Lease Payments in the Time of the COVID-19 Pandemic

Buildings with sunrise behind them
By Paul J. Welk, PT, JD*

The hope of private practice physical therapists was that the COVID-19 pandemic would be a short-lived bump in the road with a fairly quick return to normalcy.

Unfortunately, that has not proven to be the case. As COVID-19 continues to affect physical therapy private practices and the world economy as a whole, this article will provide readers with options to consider if a practice’s financial circumstances require that it engage in negotiations with landlords with the goal of reducing rent payment obligations.

When COVID-19 first began to have substantial negative effects on the physical therapy industry, many practices considered options to reduce rent expenses as part of a comprehensive effort to reduce or eliminate costs. However, with many private practices taking advantage of the Paycheck Protection Program (PPP) under the Coronavirus Aid, Relief, and Economic Security Act (CARES Act), PPP borrowers reassessed the benefits of seeking concessions from landlords during the PPP loan measurement period given the terms of the PPP program related to the forgiveness of rent expenses. As the PPP loan program and other government assistance options are now less available to many private practices, practice owners may find themselves reconsidering the need to approach landlords in an effort to reduce the immediate financial burden associated with real estate leases. There are a number of issues that practices need to evaluate as part of this process.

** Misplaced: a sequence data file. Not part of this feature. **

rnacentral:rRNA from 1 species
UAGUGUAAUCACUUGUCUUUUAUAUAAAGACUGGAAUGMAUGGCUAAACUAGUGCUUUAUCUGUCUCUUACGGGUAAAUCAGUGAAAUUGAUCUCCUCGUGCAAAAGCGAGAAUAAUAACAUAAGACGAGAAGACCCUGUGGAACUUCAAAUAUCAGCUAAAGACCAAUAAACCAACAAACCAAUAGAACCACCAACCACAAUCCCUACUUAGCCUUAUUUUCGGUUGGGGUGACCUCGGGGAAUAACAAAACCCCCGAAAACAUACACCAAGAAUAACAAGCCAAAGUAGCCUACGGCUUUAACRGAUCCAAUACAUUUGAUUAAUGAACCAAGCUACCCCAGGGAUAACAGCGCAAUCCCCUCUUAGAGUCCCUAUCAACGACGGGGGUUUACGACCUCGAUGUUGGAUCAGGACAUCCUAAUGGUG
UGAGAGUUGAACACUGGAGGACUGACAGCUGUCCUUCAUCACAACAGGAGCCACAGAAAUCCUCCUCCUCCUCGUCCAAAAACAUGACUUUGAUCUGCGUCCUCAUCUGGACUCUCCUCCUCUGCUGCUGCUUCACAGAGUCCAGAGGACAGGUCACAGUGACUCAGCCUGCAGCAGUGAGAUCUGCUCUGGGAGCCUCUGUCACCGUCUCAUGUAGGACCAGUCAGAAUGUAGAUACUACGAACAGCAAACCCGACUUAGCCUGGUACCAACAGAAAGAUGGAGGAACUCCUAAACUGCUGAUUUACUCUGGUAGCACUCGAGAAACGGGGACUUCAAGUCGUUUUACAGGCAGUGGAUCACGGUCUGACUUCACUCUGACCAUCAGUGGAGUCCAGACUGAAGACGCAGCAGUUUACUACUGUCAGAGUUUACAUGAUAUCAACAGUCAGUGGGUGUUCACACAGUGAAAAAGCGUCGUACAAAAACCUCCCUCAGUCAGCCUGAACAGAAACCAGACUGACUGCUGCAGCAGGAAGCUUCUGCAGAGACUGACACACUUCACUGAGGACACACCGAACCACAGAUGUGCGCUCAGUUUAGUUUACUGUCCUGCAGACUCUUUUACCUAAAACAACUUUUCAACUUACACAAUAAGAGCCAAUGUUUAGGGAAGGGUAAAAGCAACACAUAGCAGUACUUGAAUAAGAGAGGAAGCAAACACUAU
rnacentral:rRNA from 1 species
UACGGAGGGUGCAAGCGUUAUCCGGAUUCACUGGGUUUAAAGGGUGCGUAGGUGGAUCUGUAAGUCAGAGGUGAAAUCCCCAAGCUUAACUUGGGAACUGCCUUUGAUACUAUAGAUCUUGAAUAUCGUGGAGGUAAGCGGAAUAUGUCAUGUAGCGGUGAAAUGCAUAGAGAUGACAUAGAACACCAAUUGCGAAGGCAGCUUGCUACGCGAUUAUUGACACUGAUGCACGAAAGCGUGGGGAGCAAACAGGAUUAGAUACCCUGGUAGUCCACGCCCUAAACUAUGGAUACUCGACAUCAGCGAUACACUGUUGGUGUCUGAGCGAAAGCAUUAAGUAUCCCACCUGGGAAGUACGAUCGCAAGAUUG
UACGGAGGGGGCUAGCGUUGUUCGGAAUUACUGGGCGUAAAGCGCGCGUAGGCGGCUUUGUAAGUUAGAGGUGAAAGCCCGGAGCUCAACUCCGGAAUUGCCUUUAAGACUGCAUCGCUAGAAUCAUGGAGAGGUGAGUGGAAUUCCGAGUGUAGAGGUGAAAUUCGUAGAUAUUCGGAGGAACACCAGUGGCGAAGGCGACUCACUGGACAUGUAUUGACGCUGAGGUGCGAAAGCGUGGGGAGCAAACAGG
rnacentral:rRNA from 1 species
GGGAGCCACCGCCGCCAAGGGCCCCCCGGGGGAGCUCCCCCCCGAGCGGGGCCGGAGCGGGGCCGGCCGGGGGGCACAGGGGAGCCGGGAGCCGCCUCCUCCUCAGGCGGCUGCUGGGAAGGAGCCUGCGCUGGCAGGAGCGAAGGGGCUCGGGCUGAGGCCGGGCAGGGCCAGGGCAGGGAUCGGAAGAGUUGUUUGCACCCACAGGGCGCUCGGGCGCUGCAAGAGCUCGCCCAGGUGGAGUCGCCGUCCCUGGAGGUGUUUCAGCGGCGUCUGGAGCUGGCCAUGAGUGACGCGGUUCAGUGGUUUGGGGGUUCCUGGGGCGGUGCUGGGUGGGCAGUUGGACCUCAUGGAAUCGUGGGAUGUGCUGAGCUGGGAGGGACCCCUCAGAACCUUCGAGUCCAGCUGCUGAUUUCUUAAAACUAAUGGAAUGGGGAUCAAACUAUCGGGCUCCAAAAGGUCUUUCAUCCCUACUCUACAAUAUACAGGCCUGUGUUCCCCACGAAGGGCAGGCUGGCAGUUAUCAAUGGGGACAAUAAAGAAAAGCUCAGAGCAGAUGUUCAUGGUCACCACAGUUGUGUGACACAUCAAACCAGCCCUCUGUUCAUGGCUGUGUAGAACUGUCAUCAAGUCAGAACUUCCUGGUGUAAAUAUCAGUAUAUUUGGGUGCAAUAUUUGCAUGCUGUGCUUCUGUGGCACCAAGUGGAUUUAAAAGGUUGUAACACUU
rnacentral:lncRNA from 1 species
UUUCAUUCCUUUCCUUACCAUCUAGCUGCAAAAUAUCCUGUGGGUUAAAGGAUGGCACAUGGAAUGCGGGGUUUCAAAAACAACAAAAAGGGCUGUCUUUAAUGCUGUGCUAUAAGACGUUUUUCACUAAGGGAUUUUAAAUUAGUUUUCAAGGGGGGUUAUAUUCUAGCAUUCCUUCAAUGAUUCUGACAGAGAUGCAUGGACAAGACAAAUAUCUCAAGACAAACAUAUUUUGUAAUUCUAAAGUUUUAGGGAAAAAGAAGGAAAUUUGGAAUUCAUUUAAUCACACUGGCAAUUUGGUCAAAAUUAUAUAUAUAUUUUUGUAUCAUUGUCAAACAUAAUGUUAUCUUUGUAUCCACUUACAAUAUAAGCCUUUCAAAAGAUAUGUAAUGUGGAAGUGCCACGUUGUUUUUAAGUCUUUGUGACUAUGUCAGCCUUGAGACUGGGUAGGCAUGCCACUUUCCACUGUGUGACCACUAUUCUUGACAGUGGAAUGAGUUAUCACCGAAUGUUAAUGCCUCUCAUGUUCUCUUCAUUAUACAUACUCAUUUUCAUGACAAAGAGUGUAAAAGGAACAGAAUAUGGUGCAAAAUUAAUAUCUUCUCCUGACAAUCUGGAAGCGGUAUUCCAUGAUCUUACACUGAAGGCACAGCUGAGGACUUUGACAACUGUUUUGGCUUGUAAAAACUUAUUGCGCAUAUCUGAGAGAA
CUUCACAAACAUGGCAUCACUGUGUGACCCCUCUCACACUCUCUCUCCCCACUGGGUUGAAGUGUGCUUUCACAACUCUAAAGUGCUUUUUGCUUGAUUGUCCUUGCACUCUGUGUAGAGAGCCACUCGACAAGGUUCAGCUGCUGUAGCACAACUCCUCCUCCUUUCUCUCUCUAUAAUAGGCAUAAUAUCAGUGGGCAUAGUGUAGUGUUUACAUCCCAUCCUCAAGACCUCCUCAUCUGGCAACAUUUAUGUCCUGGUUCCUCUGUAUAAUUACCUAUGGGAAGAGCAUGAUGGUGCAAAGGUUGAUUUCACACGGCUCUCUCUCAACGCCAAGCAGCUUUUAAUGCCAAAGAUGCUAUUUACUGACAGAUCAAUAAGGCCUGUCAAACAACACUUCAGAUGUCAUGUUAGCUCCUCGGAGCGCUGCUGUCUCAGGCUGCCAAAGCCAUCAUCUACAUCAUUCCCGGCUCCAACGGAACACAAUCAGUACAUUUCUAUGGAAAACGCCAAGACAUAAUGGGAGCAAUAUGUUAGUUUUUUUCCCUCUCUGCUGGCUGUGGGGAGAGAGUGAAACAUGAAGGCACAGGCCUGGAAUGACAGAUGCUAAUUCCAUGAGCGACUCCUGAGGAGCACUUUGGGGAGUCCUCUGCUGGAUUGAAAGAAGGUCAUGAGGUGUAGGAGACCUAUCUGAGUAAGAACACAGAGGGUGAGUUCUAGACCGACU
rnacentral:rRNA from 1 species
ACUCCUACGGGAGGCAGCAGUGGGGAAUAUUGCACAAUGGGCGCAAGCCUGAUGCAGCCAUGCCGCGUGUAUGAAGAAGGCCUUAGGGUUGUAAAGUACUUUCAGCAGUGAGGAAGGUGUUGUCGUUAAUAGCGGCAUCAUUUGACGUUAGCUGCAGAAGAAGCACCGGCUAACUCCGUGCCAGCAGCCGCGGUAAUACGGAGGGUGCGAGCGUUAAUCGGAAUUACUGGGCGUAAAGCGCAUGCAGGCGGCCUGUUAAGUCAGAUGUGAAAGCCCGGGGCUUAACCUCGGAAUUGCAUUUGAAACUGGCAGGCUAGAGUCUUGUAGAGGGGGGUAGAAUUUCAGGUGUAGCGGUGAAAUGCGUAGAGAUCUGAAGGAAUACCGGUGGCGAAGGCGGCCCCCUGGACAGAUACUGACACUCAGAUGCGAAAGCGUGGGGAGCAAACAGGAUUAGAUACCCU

Initially, prior to approaching a landlord to discuss the economic terms of a lease, it is important to review the lease itself to understand the rights and obligations of the landlord and tenant. In general, leases likely do not provide favorable options for the tenant to seek a reduction in rent or terminate a lease early. However, options may exist. For example, if the landlord has been or is unable to provide access to the building or services to which the tenant is entitled under the lease, or if access to the premises is denied due to a government mandate, the tenant may be contractually entitled to a rent reduction under the terms of the lease. Assuming that a reduction in rent is not provided for in a lease agreement under current circumstances, there are still reasons why a landlord may nonetheless consider a request for rent relief absent a contractual obligation. By way of example, a landlord 1) generally does not desire to pursue litigation related to tenant rent defaults; 2) may have mortgage or other lender arrangements that are directly affected by the leases in the building, and 3) generally does not want a vacant location, which, in addition to generating no rent, in some cases could trigger rights of other tenants in a multi-tenant location. When presented with these alternatives, landlords are often incentivized to work with tenants on a mutually agreeable resolution.